(Closed) The Big Budget Conversation

posted 10 years ago in Money
Post # 3
Member
2765 posts
Sugar bee

Wow that’s a tough one.  If they don’t step up their contribution, can you and your Fiance pay the other 50%?  I ask because that would definitely affect  how I would approach the conversation…

Post # 4
Member
152 posts
Blushing bee
  • Wedding: October 2009

The Budget conversation is a hard one. My parents are "taking care of" my wedding, and when we were talking budget, it was quickly apparent that what they thought was "plenty" of money, was just not realistic.

At first I got upset, not becuase I want a huge and lavish wedding, but becuase I want it to be nice. I also didn’t want them to think I was trying to take advantage of them (which they already knew, and told me). So, the solution was to do some research together. My Mom really helped on this. We checked with some venues, caters, etc. And then we came back together and using that information as a guideline came up with a reasonable budget.

WIth my overall budget in mind, I am now trying to determine priorities for spending. I don’t have set amounts for catering, flowers, etc at this point, but as my Fiance and I make decisions on what is most important we work it in.

MrBee makes a great point as well- if want your parents can contribute can’t cover the costs of your wedding, are you going to cover the difference? No matter what, I found that being open with my parents during the Big Budget Conversation helped in the end.

Good Luck!!

 

Post # 5
Member
2640 posts
Sugar bee

I don’t know what your parents are able to contribute. But they shouldn’t feel strong armed into giving more than they feel comfortable with. 

I’m having a hard time wrapping my brain around whether or not they are out of touch with prices today.  The fact that your sister had other contributers and still had to take a second mortgage on her house tells me she paid too much for her wedding.  If you are thinking over the top too, maybe you should reconsider. 

You could be honest and mention that you don’t have your in laws help.  I like what hirsche said.  Have her go with you to the vendors to see how much stuff is.  Also that way she’ll be able to see the nice looking "whatevers" are more expensive than the others.  But keep in mind if you go this route she will have more of a say in things you have in your wedding.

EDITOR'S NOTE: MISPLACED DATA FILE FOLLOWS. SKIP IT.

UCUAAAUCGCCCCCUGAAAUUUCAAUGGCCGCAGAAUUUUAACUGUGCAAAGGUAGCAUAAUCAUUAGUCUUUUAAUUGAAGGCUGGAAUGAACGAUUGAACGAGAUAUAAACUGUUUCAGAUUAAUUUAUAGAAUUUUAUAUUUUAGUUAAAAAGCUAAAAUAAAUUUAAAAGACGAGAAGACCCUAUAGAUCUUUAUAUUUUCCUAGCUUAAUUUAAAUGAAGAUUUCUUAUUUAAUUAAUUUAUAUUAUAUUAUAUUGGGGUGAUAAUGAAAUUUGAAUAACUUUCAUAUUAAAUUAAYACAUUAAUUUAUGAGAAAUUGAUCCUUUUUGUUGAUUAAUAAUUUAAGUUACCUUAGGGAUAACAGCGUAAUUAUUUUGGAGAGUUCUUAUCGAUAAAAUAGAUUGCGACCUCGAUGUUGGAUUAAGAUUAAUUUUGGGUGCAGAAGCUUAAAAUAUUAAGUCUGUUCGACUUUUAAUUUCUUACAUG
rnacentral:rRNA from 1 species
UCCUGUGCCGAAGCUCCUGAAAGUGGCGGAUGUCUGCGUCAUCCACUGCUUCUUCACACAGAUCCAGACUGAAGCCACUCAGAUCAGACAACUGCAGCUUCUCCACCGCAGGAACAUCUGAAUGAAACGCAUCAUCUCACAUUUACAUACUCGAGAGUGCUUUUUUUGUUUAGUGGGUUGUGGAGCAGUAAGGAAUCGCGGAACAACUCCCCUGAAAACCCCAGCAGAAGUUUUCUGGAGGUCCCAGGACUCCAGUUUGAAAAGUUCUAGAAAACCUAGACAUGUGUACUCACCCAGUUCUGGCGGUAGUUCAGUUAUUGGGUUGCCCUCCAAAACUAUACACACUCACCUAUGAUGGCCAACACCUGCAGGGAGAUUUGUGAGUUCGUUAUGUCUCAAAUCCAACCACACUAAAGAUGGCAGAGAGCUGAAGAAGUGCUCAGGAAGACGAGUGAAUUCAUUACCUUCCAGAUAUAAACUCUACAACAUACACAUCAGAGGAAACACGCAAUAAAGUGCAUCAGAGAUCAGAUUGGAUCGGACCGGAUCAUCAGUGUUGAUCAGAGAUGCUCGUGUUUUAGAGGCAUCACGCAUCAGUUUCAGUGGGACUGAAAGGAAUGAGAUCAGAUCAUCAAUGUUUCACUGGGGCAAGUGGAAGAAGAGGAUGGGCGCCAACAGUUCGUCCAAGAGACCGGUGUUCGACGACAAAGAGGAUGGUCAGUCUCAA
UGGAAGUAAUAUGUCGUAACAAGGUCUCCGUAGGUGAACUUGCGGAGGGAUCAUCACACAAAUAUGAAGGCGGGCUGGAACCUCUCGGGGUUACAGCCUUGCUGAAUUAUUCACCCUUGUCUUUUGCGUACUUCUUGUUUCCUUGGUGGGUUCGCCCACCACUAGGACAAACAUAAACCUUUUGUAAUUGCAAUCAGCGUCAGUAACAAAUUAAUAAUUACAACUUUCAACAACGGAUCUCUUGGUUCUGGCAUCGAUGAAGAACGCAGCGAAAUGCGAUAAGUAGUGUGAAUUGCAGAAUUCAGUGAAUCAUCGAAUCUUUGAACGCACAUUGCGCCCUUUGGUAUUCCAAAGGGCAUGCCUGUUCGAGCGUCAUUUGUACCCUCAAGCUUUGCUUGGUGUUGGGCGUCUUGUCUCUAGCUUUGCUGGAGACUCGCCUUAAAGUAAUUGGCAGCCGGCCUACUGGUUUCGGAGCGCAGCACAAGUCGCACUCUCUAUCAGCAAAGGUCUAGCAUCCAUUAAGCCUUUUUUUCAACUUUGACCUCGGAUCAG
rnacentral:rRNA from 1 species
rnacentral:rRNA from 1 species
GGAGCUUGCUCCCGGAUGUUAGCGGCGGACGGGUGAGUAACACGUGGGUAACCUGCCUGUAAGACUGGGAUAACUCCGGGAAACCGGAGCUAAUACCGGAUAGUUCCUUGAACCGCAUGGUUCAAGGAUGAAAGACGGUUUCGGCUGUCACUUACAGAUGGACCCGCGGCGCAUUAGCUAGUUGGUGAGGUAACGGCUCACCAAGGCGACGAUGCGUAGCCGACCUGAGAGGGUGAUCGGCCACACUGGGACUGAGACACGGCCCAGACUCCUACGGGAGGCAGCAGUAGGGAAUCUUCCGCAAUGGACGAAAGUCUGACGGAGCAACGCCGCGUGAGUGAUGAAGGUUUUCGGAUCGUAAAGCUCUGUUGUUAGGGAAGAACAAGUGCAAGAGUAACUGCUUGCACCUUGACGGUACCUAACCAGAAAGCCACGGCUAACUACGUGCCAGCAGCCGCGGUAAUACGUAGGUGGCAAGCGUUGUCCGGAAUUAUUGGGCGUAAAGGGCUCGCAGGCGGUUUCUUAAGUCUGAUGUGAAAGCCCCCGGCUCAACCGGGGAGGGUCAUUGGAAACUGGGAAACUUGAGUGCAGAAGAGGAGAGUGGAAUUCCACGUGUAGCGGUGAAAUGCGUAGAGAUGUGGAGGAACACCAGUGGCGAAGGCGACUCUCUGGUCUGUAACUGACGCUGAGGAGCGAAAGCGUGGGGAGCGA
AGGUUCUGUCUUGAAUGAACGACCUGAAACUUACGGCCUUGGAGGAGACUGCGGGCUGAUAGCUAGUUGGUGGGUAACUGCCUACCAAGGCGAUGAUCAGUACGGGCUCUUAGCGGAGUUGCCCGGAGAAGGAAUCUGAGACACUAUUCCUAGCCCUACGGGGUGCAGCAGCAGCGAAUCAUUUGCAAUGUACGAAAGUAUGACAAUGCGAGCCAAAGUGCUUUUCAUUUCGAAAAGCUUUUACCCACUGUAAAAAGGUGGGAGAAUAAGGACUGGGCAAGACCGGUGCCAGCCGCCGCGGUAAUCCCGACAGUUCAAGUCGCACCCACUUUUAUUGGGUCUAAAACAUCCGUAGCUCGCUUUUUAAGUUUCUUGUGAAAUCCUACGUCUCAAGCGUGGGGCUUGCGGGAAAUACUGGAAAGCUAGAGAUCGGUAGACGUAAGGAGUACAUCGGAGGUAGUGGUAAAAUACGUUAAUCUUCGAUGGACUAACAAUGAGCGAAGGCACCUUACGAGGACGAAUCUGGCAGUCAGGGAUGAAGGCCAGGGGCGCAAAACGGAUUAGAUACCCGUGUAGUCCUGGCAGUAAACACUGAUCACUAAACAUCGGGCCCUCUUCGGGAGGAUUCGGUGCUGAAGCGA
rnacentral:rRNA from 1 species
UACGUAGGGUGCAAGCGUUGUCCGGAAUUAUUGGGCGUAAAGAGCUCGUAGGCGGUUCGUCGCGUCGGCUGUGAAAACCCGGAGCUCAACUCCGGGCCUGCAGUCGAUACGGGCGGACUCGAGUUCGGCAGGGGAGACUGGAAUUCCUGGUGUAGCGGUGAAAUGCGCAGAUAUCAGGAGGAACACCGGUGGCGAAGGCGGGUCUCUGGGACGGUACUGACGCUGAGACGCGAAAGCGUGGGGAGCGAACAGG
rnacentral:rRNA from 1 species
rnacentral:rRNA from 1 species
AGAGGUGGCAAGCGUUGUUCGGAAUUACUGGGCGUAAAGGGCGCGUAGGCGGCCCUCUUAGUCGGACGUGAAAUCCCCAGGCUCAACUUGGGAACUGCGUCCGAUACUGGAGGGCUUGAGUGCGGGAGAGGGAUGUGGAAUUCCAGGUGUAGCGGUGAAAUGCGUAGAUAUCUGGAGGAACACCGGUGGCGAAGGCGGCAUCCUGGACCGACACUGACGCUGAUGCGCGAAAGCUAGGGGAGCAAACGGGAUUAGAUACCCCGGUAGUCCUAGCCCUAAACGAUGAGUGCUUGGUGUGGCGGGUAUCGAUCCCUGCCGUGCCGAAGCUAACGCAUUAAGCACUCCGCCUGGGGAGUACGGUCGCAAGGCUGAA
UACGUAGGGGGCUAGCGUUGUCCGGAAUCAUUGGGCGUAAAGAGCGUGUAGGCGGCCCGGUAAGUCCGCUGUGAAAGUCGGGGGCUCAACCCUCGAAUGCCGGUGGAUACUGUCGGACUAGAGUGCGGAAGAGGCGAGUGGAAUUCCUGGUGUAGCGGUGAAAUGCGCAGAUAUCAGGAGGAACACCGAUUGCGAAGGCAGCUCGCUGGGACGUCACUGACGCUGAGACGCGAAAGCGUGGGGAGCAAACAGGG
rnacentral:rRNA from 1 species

Post # 6
Member
469 posts
Helper bee
  • Wedding: November 2008

Are you and your Fiance able to cover any portion of the wedding? 

The budget talk wasn’t super fun with my (divorced) parents – my mom had a specific amount of money that she wanted to give us, and my dad said to "let him know how much things were going to cost and then let him know – then he’d decide if he wanted to pay".  Um, ok.  What we ended up doing was taking my moms money, got some money from FI’s parents, and paid for the rest of it ourselves. 

If that’s not an option for you, you may want to consider cutting things out – the last thing you want is for your parents to feel like they can’t give you the wedding of your dreams, but at the same time, you don’t want them to spend their last dime on just one day!

Good luck – the budget process is never fun!

Post # 8
Member
1423 posts
Bumble bee
  • Wedding: May 2009

Have you thought about checking out some venues that have acceptable roofs and tables and chairs and such?  That’s a really easy way to save some major cash (and maybe save your parents from heart attacks).  Tent weddings are easily the most expensive sort.  You don’t want to overextend yourself financially at the very beginning of the planning; there are a lot of little expenses that can creep up on you….  a couple hundred for postage, extensive alterations on your dress, travel fees for vendors…. Ugh!  My own beautiful budget has been shot to hell.  Picking a reasonably priced, yet pretty venue with lovely chairs, linens and plumbing is what has helped keep me sane….